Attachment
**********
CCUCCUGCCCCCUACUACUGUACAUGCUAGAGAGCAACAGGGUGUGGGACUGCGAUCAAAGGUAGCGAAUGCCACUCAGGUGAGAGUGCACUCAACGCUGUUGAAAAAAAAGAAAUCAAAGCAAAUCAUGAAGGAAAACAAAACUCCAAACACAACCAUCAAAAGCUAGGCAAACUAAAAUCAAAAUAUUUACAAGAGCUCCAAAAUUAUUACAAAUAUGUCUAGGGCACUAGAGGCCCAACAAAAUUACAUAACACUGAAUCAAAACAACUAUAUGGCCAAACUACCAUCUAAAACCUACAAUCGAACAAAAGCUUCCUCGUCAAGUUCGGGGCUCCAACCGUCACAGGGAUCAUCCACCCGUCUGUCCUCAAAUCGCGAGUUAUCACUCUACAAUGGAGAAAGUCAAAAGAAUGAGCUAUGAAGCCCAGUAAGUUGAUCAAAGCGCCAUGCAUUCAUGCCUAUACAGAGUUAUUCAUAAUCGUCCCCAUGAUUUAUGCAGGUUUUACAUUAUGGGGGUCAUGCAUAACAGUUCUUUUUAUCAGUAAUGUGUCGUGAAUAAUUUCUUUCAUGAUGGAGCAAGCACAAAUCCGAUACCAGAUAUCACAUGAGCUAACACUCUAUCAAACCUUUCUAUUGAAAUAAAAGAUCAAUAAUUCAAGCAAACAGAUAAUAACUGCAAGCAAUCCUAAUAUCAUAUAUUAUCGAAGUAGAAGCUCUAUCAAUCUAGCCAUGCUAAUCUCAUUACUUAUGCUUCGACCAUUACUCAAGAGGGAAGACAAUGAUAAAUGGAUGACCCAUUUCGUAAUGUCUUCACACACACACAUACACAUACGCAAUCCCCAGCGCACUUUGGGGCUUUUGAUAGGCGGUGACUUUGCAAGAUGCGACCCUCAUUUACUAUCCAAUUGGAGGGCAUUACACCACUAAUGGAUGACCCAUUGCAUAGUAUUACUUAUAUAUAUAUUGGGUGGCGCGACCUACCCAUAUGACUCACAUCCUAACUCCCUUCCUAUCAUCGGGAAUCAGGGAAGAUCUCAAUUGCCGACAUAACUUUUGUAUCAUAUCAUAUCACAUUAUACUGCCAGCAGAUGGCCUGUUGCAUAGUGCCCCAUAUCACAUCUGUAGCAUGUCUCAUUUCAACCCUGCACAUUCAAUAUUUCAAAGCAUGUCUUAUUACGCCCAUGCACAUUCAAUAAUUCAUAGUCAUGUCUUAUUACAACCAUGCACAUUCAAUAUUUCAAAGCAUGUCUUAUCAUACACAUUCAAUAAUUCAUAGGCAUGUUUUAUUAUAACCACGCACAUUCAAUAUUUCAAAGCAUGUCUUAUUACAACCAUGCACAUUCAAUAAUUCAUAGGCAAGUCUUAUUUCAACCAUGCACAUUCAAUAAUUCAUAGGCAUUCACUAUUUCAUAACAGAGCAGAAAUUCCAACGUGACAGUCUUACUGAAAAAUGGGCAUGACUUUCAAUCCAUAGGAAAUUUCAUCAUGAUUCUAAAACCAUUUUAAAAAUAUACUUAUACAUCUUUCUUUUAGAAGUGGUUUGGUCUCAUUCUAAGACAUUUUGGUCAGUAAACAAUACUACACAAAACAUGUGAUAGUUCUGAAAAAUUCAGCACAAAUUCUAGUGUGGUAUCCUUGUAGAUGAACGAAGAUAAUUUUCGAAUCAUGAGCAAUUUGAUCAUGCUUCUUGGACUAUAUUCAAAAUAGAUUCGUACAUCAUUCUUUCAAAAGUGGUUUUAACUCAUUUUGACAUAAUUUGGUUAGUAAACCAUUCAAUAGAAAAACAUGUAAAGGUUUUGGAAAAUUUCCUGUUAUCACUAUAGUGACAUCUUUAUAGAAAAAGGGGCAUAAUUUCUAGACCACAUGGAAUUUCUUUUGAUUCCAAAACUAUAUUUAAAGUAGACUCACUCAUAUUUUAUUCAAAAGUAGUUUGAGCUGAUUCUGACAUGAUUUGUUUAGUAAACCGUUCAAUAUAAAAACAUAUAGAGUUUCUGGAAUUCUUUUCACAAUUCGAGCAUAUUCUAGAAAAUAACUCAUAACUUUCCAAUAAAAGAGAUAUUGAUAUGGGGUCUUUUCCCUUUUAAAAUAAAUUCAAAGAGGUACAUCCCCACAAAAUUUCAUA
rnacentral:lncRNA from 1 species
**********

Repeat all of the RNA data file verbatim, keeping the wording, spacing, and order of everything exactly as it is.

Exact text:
CCUCCUGCCCCCUACUACUGUACAUGCUAGAGAGCAACAGGGUGUGGGACUGCGAUCAAAGGUAGCGAAUGCCACUCAGGUGAGAGUGCACUCAACGCUGUUGAAAAAAAAGAAAUCAAAGCAAAUCAUGAAGGAAAACAAAACUCCAAACACAACCAUCAAAAGCUAGGCAAACUAAAAUCAAAAUAUUUACAAGAGCUCCAAAAUUAUUACAAAUAUGUCUAGGGCACUAGAGGCCCAACAAAAUUACAUAACACUGAAUCAAAACAACUAUAUGGCCAAACUACCAUCUAAAACCUACAAUCGAACAAAAGCUUCCUCGUCAAGUUCGGGGCUCCAACCGUCACAGGGAUCAUCCACCCGUCUGUCCUCAAAUCGCGAGUUAUCACUCUACAAUGGAGAAAGUCAAAAGAAUGAGCUAUGAAGCCCAGUAAGUUGAUCAAAGCGCCAUGCAUUCAUGCCUAUACAGAGUUAUUCAUAAUCGUCCCCAUGAUUUAUGCAGGUUUUACAUUAUGGGGGUCAUGCAUAACAGUUCUUUUUAUCAGUAAUGUGUCGUGAAUAAUUUCUUUCAUGAUGGAGCAAGCACAAAUCCGAUACCAGAUAUCACAUGAGCUAACACUCUAUCAAACCUUUCUAUUGAAAUAAAAGAUCAAUAAUUCAAGCAAACAGAUAAUAACUGCAAGCAAUCCUAAUAUCAUAUAUUAUCGAAGUAGAAGCUCUAUCAAUCUAGCCAUGCUAAUCUCAUUACUUAUGCUUCGACCAUUACUCAAGAGGGAAGACAAUGAUAAAUGGAUGACCCAUUUCGUAAUGUCUUCACACACACACAUACACAUACGCAAUCCCCAGCGCACUUUGGGGCUUUUGAUAGGCGGUGACUUUGCAAGAUGCGACCCUCAUUUACUAUCCAAUUGGAGGGCAUUACACCACUAAUGGAUGACCCAUUGCAUAGUAUUACUUAUAUAUAUAUUGGGUGGCGCGACCUACCCAUAUGACUCACAUCCUAACUCCCUUCCUAUCAUCGGGAAUCAGGGAAGAUCUCAAUUGCCGACAUAACUUUUGUAUCAUAUCAUAUCACAUUAUACUGCCAGCAGAUGGCCUGUUGCAUAGUGCCCCAUAUCACAUCUGUAGCAUGUCUCAUUUCAACCCUGCACAUUCAAUAUUUCAAAGCAUGUCUUAUUACGCCCAUGCACAUUCAAUAAUUCAUAGUCAUGUCUUAUUACAACCAUGCACAUUCAAUAUUUCAAAGCAUGUCUUAUCAUACACAUUCAAUAAUUCAUAGGCAUGUUUUAUUAUAACCACGCACAUUCAAUAUUUCAAAGCAUGUCUUAUUACAACCAUGCACAUUCAAUAAUUCAUAGGCAAGUCUUAUUUCAACCAUGCACAUUCAAUAAUUCAUAGGCAUUCACUAUUUCAUAACAGAGCAGAAAUUCCAACGUGACAGUCUUACUGAAAAAUGGGCAUGACUUUCAAUCCAUAGGAAAUUUCAUCAUGAUUCUAAAACCAUUUUAAAAAUAUACUUAUACAUCUUUCUUUUAGAAGUGGUUUGGUCUCAUUCUAAGACAUUUUGGUCAGUAAACAAUACUACACAAAACAUGUGAUAGUUCUGAAAAAUUCAGCACAAAUUCUAGUGUGGUAUCCUUGUAGAUGAACGAAGAUAAUUUUCGAAUCAUGAGCAAUUUGAUCAUGCUUCUUGGACUAUAUUCAAAAUAGAUUCGUACAUCAUUCUUUCAAAAGUGGUUUUAACUCAUUUUGACAUAAUUUGGUUAGUAAACCAUUCAAUAGAAAAACAUGUAAAGGUUUUGGAAAAUUUCCUGUUAUCACUAUAGUGACAUCUUUAUAGAAAAAGGGGCAUAAUUUCUAGACCACAUGGAAUUUCUUUUGAUUCCAAAACUAUAUUUAAAGUAGACUCACUCAUAUUUUAUUCAAAAGUAGUUUGAGCUGAUUCUGACAUGAUUUGUUUAGUAAACCGUUCAAUAUAAAAACAUAUAGAGUUUCUGGAAUUCUUUUCACAAUUCGAGCAUAUUCUAGAAAAUAACUCAUAACUUUCCAAUAAAAGAGAUAUUGAUAUGGGGUCUUUUCCCUUUUAAAAUAAAUUCAAAGAGGUACAUCCCCACAAAAUUUCAUA
rnacentral:lncRNA from 1 species